MINI Electric Review

Price £30,000 - £34,500 score


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The electric MINI has been a huge success, and this new version only improves on it with a longer range, more equipment, better infotainment and the same fun dynamics.

  • Battery: 37-49kWh
  • Miles per kWh: 4.4
  • E-Rating™: A+

    Click here to find out more about our electric car Efficiency Rating.​

  • Max charge rate: 95 kW
  • Range: 190-249 miles

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  • Battery: 37-49kWh
  • Miles per kWh: 4.4
  • E-Rating™: A+

    Click here to find out more about our electric car Efficiency Rating.​

  • Max charge rate: 95 kW
  • Range: 190-249 miles

Vicky Says

“The new MINI looks really great. It's unmistakably a MINI, but it also looks really modern... Slicker. Yet, it's also smaller, and I am a big fan of that. We need more small, efficient electric cars like this. ”

Ginny Says

“I really love the current MINI Electric and it sounds as though the new version will have useful upgrades to the range and refinement. And it'll be built up the road, in Oxford.”

Driven and reviewed by 

Nicola Hume

7 May 2024

We love the last MINI Electric. It was cute, good value and, most of all, it was fun to drive just like a MINI should be. But it had a big problem: the small battery. It’s a car we loved driving. But you can’t drive it for long as the range was…well, it didn’t get you very far.

Now – at last – we get to try the all-new fifth generation MINI. It’s a car which still has those recognisably retro looks, but is bang up to date. You now get the choice of a 36.6kWh usable battery capacity (41kWh total) in the MINI Cooper E, or the more powerful Mini Cooper SE gets a 49.2kWh battery (54kWh total). That’s good for a WLTP official range of between 190- and 249 miles. Even better news is that pricing is expected to stay at below £30,000, so the new, fifth-generation electric Mini definitely seems to be offering more for less, and is well set for taking on the likes of the Peugeot e-208, Fiat 500e, Volvo EX30 and forthcoming Renault 5

It also still looks very cool. A bit different – smoother, more modern, and maybe those side mirrors look comically huge, but what is great is that the MINI has actually stayed small. Most cars these days get bigger with a new generation, but this new, electric MINI hatchback is a bit shorter than before, if a touch wider. It’s getting squarer, is what it is…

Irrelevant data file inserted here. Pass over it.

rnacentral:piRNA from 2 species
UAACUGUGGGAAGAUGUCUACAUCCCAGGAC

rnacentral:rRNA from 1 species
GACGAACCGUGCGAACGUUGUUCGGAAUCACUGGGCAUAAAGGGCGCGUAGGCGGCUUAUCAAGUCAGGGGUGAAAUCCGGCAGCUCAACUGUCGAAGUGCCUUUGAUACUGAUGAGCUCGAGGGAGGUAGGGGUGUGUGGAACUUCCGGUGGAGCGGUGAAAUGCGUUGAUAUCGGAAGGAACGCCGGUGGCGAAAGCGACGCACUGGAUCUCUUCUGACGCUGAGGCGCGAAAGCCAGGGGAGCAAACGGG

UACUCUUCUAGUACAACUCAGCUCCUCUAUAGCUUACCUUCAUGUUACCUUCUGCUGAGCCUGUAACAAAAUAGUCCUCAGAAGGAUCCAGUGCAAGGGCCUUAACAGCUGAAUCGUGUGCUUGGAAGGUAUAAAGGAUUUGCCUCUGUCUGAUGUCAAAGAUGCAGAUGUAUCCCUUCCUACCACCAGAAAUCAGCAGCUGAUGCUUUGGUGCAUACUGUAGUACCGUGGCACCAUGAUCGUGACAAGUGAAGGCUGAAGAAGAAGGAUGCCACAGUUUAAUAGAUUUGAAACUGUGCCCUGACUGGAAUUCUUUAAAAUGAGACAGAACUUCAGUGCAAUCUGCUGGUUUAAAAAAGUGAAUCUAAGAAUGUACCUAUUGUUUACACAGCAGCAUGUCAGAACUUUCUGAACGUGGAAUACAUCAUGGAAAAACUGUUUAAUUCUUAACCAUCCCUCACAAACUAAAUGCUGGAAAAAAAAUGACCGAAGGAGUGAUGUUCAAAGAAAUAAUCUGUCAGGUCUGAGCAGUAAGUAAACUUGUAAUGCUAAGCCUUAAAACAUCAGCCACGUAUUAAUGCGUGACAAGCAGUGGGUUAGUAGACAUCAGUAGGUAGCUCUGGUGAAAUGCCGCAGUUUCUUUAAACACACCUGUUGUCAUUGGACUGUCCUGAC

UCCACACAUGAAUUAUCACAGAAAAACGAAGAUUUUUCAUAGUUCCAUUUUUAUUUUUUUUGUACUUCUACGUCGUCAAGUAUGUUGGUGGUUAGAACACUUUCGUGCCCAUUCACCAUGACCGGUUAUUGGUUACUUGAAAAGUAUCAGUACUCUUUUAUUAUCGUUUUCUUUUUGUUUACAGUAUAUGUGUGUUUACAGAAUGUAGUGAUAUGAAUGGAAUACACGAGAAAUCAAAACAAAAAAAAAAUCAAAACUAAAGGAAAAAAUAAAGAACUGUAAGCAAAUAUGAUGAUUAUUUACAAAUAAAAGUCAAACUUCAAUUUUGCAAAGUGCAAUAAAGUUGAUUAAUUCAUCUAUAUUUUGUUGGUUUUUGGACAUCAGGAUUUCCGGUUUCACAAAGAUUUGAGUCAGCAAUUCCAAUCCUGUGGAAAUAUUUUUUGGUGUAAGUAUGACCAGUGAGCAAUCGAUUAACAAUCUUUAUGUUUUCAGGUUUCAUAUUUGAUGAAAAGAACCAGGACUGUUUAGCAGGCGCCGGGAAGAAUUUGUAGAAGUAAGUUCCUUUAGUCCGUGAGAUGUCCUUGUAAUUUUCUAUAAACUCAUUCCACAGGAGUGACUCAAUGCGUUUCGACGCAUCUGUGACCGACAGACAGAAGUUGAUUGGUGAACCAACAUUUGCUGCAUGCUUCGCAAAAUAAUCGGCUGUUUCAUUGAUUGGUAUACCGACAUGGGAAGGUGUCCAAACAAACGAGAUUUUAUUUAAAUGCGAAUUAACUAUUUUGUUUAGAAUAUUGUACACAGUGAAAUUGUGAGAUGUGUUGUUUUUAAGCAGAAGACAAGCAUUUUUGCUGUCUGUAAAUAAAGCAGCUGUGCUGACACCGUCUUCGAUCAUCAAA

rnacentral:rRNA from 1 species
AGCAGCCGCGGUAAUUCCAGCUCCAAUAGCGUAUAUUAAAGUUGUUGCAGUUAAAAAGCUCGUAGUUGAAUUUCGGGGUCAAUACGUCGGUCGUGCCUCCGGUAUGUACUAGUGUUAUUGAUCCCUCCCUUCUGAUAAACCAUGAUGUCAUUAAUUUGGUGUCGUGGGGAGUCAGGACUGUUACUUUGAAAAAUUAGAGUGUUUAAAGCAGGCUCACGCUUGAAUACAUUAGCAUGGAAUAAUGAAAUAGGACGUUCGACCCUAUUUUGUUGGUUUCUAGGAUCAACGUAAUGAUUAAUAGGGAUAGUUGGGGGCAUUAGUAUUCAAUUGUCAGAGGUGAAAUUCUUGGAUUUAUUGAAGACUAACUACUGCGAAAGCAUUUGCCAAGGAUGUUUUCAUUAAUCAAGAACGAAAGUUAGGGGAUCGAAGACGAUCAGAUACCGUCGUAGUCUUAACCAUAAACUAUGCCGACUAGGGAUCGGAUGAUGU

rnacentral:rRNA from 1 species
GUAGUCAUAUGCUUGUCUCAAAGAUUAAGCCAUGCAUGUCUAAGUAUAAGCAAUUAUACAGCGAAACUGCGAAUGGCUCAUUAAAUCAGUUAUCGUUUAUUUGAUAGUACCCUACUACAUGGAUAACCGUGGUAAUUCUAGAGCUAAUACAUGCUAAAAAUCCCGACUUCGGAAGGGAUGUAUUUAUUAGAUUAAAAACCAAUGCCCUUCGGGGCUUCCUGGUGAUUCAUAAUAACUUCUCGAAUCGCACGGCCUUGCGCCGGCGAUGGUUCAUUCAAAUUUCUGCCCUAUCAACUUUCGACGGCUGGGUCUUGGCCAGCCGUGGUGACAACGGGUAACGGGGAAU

Range, Battery and Charging

As we’ve said, the electric MINI now has a bigger battery, so the Cooper E gets up to 190 miles of electric range according to official WLTP figures, while the bigger battery in the MINI Cooper SE gives it a range of up to 250 miles. Our test drive out in Barcelona, in torrential rain, wasn’t terribly representative of typical driving conditions but it’s safe to expect a real-world range of around 130- to 170 miles in the Cooper E, and 190- to 249 miles in the Cooper SE.

Rapid charging tops out at 75kW for the MINI Cooper E, and 95kW for the Cooper SE, so you’ll manage a 10-80% top-up in around 30 minutes on either of the new electric MINI models. Plug into a 7kW home charger, and a full charge will take seven hours for the smaller battery in the E, and eight hours in the SE. 

Naturally, charging is done via a CCS and Type 2 socket (as does almost every electric car) which is compatible with the vast majority of public chargers in the UK and Western Europe.

Practicality and Boot space 

The MINI Electric remains a three-door hatchback, only – they’re not doing a five-door hatchback, as they have done with the petrol Mini hatch, which is a bit annoying if you ask me. Still, there’s the new Countryman (which Ginny drove recently and really loved) and the Aceman if you do want a more practical, family-friendly electric MINI. 

As it is, the electric MINI hatch is probably best for couples or individuals. The back seats can take two passengers, a nd while it’s a bit roomier back there than in the diminutive Fiat 500e, it’s still pretty pokey so your kids probably aren’t going to want to sit back there every day for the school run.  

The boot is tiny, too. At 210 litres it’s actually a bit smaller than in the previous electric MINI, and the underfloor space is pretty limited.

The Smart #1, Volvo EX30 or MG4 are better bets if you’re after a stylish, £30,000-ish electric family car - or the MINI Countryman could also be a good bet.